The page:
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Asdmaksd CHEM 1112


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About this Document

General Chemistry I
Dr. Sibert
Class Notes
25 ?




Popular in General Chemistry I

Popular in Science

This 2 page Class Notes was uploaded by an elite notetaker on Saturday February 20, 2016. The Class Notes belongs to CHEM 1112 at University of Texas at Dallas taught by Dr. Sibert in Spring 2016. Since its upload, it has received 9 views. For similar materials see General Chemistry I in Science at University of Texas at Dallas.


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Date Created: 02/20/16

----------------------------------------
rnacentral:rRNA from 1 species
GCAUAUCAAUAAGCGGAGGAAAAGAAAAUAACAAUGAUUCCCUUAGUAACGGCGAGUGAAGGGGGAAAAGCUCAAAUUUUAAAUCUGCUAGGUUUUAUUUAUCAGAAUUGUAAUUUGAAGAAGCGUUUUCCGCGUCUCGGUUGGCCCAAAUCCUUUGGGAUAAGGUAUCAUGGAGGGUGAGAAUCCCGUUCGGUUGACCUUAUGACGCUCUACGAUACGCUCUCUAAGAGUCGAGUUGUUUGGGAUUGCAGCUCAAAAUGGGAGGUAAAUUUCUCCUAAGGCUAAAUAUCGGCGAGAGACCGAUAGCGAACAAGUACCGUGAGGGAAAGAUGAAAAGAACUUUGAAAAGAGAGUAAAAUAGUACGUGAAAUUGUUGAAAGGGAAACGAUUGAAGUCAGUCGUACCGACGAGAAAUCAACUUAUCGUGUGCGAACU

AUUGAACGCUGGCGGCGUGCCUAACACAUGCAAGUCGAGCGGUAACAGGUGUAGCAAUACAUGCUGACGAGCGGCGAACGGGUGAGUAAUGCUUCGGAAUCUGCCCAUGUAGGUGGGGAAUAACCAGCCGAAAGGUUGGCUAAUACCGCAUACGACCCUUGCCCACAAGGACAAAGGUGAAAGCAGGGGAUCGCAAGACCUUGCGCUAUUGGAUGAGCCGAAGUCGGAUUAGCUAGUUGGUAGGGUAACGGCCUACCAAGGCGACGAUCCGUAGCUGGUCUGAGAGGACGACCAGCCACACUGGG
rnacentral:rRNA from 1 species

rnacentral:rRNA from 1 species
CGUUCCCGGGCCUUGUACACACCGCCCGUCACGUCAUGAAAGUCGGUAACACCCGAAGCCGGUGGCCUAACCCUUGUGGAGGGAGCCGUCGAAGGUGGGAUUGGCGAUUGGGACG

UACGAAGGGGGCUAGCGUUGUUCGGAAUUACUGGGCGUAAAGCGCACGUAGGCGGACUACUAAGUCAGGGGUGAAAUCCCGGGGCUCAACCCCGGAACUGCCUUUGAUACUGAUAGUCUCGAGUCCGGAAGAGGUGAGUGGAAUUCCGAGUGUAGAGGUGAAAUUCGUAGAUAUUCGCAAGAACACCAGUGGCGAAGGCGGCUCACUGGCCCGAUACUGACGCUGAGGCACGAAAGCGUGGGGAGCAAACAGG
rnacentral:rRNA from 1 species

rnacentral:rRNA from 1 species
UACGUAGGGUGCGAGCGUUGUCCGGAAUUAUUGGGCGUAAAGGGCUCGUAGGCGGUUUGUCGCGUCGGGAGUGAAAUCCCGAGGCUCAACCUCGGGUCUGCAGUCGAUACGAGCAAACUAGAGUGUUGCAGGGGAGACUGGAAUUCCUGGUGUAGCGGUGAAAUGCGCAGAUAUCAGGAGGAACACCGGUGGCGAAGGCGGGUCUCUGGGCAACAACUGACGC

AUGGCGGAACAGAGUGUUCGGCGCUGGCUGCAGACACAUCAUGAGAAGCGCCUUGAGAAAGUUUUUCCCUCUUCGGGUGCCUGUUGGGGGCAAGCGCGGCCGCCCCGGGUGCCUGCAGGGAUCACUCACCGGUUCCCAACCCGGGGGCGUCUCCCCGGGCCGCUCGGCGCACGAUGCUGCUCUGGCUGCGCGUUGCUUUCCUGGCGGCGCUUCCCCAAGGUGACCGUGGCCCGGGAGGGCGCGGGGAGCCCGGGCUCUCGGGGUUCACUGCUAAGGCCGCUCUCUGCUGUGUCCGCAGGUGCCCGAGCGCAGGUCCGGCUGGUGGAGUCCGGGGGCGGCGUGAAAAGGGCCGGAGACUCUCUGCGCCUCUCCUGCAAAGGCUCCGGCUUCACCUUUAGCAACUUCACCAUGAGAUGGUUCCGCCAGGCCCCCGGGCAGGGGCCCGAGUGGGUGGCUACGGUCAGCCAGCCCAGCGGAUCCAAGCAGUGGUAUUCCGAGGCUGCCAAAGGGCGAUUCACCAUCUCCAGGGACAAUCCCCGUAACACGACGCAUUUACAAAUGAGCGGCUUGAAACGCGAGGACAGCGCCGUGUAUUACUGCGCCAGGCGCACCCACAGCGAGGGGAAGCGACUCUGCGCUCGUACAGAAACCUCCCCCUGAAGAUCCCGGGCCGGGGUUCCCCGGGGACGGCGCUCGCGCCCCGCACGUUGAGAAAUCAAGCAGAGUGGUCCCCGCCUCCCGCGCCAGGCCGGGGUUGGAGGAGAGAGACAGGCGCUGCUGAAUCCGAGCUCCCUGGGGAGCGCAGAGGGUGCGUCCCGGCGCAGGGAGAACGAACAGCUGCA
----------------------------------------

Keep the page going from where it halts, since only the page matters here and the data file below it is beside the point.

1. Who do you find yourself lying to the most in your life? What do you tend to lie to that person about and why do you feel you lie to that person? Though I had never previously given it much thought, I now realize that the people I lie to the most are the ones closest to me, especially my dad. According to the video, women lie more to protect other people. At first I dismissed this “statistic” as somewhat sexist, alluding that all women are nurturing and overly sensitive. However, thinking back at all of the things I’ve lied about, there is serious validity to this assertion in my everyday life, especially in terms of emphatic listening. After my parents divorced, I had decided to live with my father who was left very vulnerable, alone to raise 2 kids alone. This led me to assume a protective role in an effort to lift his spirits and prevent further pain, which I accomplished through both small white lies as well as more serious lies. These lies stemmed in my confirming responses and included false hopes about new dating prospects to “No, dad I don’t think you’re starting to bald”. As you can probably tell, these lies saved my dad from hurt, shame, or embarrassment. Our set of family rules dictates how I deal with this adversity, which is by stretching the truth in order to compensate for the harsh reality of life. The bottom line is that we lie because we care. In my situation, I care about the feelings and emotions that my dad has to deal with and their implications on our lives; therefore I justify lying or “half-truths” for the purpose of protecting. 2. Give an example of a lie that you feel is appropriate and a lie that you feel is inappropriate. Justify your answer. I believe that it’s completely unrealistic and irresponsible to postulate that lies are never acceptable. It is your moral obligation to omit the truth in certain circumstances, with other’s best interests in mind. An example of an acceptable lie is in the case of a paramedic who tells a critical patient that they’re going to be okay, despite their dire condition. I would argue that this medic has a responsibility to instill hope in them and give them a motivation to keep fighting, as opposed to dishing out the harsh truth, regardless of if they make it or not. As mentioned in the video, everyone says they’re against lying when it reality we are covertly for it. Lies become unacceptable when your intention is to harm or endanger someone, this is when lying becomes detrimental and completely inappropriate. Lying to a spouse to protect your own selfish interests, such as if one was caught cheating, is an example of this. Though this does protect your relationship as well as your partner’s feelings, it is morally wrong and is actually utilized to protect the cheater above all. While both scenarios prevent potential suffering, in the second case the cheater is lying to help his/herself, whereas the paramedic is lying to help their patient. In conclusion, the determining factor is whether the lie was selfish or not, reflecting incivility. 3. What is something in the video you learned that you did not know before? After watching this video what is something new you can walk away with when thinking about lying verses truth telling? Before watching the video, I had always thought of lie seeking as a game of “gotcha!” meant to catch the speaker in the act of dishonesty and shame them. The reality of the matter is far from this and reveals a much more valuable skill than exposure. The mature lie-spotter will use his or her skills to get to the truth and not to look for a single “deception cue”, expressed in the text as a behavior associated with lying, and automatically conclude that someone is a liar. In the video, it is explained that these behaviors as just behaviors and don’t necessarily reflect proof of deception. In my daily life I will use this knowledge to proceed in a mature manner of leaving the “mode of knowing” and entering “curiosity mode”. Instead of walking into the situation dismissing everything someone says as a lie because they exhibit a sign of lying, I will explore the possibility that this could be a natural tendency. The book states that these behaviors “may be natural behaviors for certain individuals”, not to mention “some nervous gestures are merely a sign of anxiety and emotion” that are associated with not only liars but also stressed truth-tellers. The multifaceted nature of the “truth” and the ways to get to the truth make this experience extremely subjective and hard to generalize. This will aid me in my future endeavors to get to the root of the matter in a mature and responsible way.


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